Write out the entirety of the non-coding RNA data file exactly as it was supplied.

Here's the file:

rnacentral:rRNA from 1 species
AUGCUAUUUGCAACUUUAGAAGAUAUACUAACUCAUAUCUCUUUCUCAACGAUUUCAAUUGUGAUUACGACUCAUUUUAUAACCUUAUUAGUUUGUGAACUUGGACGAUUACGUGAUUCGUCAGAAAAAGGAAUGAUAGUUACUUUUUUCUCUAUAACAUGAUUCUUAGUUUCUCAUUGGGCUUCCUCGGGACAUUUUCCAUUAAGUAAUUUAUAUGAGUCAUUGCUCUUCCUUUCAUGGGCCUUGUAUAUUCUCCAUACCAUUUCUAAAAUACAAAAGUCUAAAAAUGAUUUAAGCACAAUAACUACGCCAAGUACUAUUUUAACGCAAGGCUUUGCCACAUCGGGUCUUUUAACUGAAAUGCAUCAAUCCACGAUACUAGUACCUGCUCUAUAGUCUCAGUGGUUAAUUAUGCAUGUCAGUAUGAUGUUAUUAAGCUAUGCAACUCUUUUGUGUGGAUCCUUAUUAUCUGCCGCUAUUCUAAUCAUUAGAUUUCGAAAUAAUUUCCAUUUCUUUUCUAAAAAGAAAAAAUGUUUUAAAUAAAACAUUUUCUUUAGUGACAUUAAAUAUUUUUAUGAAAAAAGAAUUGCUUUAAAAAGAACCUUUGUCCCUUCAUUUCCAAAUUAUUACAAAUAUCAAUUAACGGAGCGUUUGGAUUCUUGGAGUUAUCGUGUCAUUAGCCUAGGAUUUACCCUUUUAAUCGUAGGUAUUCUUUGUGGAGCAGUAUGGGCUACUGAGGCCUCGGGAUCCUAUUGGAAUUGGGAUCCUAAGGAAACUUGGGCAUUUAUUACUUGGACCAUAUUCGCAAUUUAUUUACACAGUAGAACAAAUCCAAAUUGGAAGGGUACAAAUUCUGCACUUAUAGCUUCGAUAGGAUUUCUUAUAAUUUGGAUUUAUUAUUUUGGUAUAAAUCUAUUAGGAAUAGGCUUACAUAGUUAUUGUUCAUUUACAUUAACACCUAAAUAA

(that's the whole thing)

rnacentral:rRNA from 1 species
AUGCUAUUUGCAACUUUAGAAGAUAUACUAACUCAUAUCUCUUUCUCAACGAUUUCAAUUGUGAUUACGACUCAUUUUAUAACCUUAUUAGUUUGUGAACUUGGACGAUUACGUGAUUCGUCAGAAAAAGGAAUGAUAGUUACUUUUUUCUCUAUAACAUGAUUCUUAGUUUCUCAUUGGGCUUCCUCGGGACAUUUUCCAUUAAGUAAUUUAUAUGAGUCAUUGCUCUUCCUUUCAUGGGCCUUGUAUAUUCUCCAUACCAUUUCUAAAAUACAAAAGUCUAAAAAUGAUUUAAGCACAAUAACUACGCCAAGUACUAUUUUAACGCAAGGCUUUGCCACAUCGGGUCUUUUAACUGAAAUGCAUCAAUCCACGAUACUAGUACCUGCUCUAUAGUCUCAGUGGUUAAUUAUGCAUGUCAGUAUGAUGUUAUUAAGCUAUGCAACUCUUUUGUGUGGAUCCUUAUUAUCUGCCGCUAUUCUAAUCAUUAGAUUUCGAAAUAAUUUCCAUUUCUUUUCUAAAAAGAAAAAAUGUUUUAAAUAAAACAUUUUCUUUAGUGACAUUAAAUAUUUUUAUGAAAAAAGAAUUGCUUUAAAAAGAACCUUUGUCCCUUCAUUUCCAAAUUAUUACAAAUAUCAAUUAACGGAGCGUUUGGAUUCUUGGAGUUAUCGUGUCAUUAGCCUAGGAUUUACCCUUUUAAUCGUAGGUAUUCUUUGUGGAGCAGUAUGGGCUACUGAGGCCUCGGGAUCCUAUUGGAAUUGGGAUCCUAAGGAAACUUGGGCAUUUAUUACUUGGACCAUAUUCGCAAUUUAUUUACACAGUAGAACAAAUCCAAAUUGGAAGGGUACAAAUUCUGCACUUAUAGCUUCGAUAGGAUUUCUUAUAAUUUGGAUUUAUUAUUUUGGUAUAAAUCUAUUAGGAAUAGGCUUACAUAGUUAUUGUUCAUUUACAUUAACACCUAAAUAA